Although she lets the man escape, he is tracked down by the motorcyclist alien and killed, illustrating that as long as you are a human, you will inevitably die. Laura, seeming afraid for the first time, then flees into the Scottish highlands and abandons her van (the sound design, which is possibly the best that I’ve ever heard, implies that her van runs out of gas) and her seductive fur coat. Without her coat, she is becoming more and more vulnerable. A kind, quiet man offers to give Laura help, and while following him to his house, she sees a baby looking at her from a window, causing her to turn away and look both disturbed and regretful. Here, it is further shown that she is conflicted about her earlier actions, specifically leaving a baby to die on the beach.

She eventually attempts to become more human by eating food, developing a relationship, observing human comedy on television, and trying to tap her fingers along to music. The man that takes her in gives her his coat; she is now wearing clothes for protection as opposed to prey on others. Later that night, she observes her own body in a mirror while warmly lit by a space heater, further becoming more drawn to being a human. (Yet another thing I love about this film is how incredibly non-perverse the nudity is throughout the film. It’s so objective and respectful to everyone involved, which works even more because the film presents humans to us from an alien perspective, void of any specific connotations such as sexualized nudity.) She attempts to make love to the man that brings her in, but is unable to, which I found to be subversive; films always depict losing one’s virginity as glorious and perfect. She is still not yet completely human.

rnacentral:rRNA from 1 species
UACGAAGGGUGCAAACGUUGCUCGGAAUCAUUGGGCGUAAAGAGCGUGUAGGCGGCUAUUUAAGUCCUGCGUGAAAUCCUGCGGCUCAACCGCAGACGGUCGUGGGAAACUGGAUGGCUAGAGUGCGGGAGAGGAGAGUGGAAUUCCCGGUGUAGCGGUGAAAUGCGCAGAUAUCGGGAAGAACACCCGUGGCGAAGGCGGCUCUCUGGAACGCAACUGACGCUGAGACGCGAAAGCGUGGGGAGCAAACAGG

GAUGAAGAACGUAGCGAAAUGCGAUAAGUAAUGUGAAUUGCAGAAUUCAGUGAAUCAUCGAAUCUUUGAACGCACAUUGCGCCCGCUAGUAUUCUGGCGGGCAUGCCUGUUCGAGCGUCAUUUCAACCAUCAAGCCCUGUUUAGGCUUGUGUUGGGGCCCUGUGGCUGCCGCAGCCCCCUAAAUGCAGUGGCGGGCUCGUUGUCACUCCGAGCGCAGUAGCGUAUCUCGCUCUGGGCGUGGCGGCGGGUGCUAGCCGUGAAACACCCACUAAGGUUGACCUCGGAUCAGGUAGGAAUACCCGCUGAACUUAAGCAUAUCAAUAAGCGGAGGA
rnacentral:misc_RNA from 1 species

Confused, she goes into the woods and falls asleep in a shelter, which seems to be the first time that she feels a sensation of peace as she is shown dreaming and feeling like one with the earth. She is then molested by a logger from the forest who tries to rape her. During the attack, Laura’s hunting theme plays again, the same music that played as she victimized the men and lead them to their deaths. However, the music here is more somber and pitiful as opposed to the hunting theme, which is more unnerving and screechy.

Here, the film’s role reversal switches back to the traditional gender roles, as Laura is preyed on and eventually falls victim. She is injured and peels off her artificial skin, finally realizing who she is. As soon as the logger sees Laura’s true form — a onyx black androgynous humanoid as opposed to her artificial, traditionally beautiful exterior — his perception of her immediately shifts. She is no longer a sight of beauty, but instead an ugly, strange, and disconcerting sight. The logger follows through with the traditional masculine response of “kill it with fire.” He douses Laura with gasoline and sets her on fire, causing her to futilely ran away while ablaze eventually collapsing into a pile of embers in the snow. As her ashes flow into the sky, the movie ends.

There is a link drawn here between sexual assault and death, showing that sexual perversion can strip one of their humanity. Here, Laura’s growing humanity is literally stripped off of her as she is objectified, also drawing a parallel to the men she victimizes earlier in the film. She sees who and what she truly is and only reacts with a solemn sense of pity. In addition, this moment parallels the disfigured man’s story arc. Both that man and Laura now have what differs from the conceptual norm of beauty, and the logger, being a shallow and superficial man, becomes disgusted with her appearance and ends her life, similar to how society had rejected the disfigured man previously due to his looks.